Key chains


New Delhi was like nowhere Id been before. Prior to this my only understanding of life in India had come from Slum Dog Millionaire. I was a naive girl on a business trip. I thought poverty would be hidden down back alleys or limited to slum neighborhoods. I was wrong.

Poverty coated the city and oozed out of its edges. From my bus seat I watched as it filled the streets, enclosed strangers, and struggled for life. I saw children fighting for territory, a boy punching a girl no more than 5 years old. She was tiny and frail and broken. The sadness in her eyes and the nonexistent smile on her face shattered my heart.

Walking the streets I became fully engulfed by the poverty. It tugged on my arm, begged at my feet, and shot dagger eyes when I had nothing to give. Mothers with babies followed close behind, chanting rhythms I could not understand. I would duck into extravagant shops. Inside I could try on exquisite saris, indulge in proper tea, and forget what was beyond the walls.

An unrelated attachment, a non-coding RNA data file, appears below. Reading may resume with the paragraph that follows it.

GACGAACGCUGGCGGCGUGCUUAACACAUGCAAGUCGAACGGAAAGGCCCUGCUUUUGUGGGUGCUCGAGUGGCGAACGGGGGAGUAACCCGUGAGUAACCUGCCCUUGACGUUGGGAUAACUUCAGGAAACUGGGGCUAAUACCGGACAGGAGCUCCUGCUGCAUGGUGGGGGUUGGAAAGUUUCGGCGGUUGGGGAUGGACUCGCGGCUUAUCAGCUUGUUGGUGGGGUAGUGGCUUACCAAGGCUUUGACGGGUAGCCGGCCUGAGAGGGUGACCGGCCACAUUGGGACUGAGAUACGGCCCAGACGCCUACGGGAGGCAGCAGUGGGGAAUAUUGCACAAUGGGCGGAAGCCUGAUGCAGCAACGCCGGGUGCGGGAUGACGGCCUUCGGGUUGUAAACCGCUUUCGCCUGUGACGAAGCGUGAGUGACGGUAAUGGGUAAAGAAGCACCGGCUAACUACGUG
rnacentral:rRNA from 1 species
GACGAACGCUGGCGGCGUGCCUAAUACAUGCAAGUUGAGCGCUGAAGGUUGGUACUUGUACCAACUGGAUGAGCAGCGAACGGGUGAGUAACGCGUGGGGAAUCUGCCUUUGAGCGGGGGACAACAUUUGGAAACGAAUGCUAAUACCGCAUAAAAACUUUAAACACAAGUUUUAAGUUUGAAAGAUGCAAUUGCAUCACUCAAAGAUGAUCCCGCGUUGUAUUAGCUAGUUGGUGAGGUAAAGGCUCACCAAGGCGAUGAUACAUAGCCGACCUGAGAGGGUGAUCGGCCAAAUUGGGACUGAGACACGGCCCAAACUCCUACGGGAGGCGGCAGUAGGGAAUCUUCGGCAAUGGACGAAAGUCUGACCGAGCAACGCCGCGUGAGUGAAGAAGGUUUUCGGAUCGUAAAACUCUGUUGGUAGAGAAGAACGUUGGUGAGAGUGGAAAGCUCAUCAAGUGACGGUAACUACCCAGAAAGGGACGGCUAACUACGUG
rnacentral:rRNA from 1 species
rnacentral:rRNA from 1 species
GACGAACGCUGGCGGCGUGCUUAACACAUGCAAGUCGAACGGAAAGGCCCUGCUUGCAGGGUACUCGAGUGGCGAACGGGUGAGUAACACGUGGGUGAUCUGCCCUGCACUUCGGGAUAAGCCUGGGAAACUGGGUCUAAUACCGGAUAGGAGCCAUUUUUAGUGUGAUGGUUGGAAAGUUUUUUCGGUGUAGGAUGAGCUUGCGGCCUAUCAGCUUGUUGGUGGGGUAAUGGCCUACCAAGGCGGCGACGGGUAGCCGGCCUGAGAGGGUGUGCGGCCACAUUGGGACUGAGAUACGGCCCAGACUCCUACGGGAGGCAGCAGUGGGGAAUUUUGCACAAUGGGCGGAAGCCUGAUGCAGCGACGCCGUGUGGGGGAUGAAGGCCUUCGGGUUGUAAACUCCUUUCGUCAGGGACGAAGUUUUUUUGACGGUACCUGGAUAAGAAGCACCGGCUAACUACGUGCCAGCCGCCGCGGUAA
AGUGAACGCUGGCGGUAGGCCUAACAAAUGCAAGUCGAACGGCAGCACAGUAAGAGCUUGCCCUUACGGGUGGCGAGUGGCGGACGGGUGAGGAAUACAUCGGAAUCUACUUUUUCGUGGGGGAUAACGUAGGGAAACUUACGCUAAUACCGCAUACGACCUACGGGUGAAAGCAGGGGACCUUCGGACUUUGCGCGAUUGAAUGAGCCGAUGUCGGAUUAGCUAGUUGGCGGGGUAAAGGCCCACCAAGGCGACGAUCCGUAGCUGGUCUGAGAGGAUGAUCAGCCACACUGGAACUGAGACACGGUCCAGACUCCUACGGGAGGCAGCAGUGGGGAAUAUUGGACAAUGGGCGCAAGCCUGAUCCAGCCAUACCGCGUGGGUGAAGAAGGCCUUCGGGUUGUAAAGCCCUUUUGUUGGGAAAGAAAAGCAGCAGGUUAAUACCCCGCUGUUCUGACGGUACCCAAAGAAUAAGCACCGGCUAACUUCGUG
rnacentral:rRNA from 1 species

Our guide would rush us back onto the bus after exiting the shops. Children always waited for us outside, their petite hands displayed trinkets they wanted us to buy. From inside the bus our guide would play mediator and exchange our money for the goods. Usually we were pressed for time and not allowed to purchase items, but this time I managed to exchange a bill for a handful of elephant key chains.

I sat in my seat and closed my eyes when I heard a knocking on my window. I had heard the knock earlier that day and recognized the sound of a child. I knew when I looked I would see sorrow in their eyes, but I looked anyway. Small elephant key chains dangled from a boys fingers. Since the guide did our purchasing, the boy did not know I already bought a handful from him. I picked up one of my key chains and shook it in front of the window. A smile spread across his face and the sorrow was momentarily replaced with gratitude, then he turned and ran away.


A.Persello

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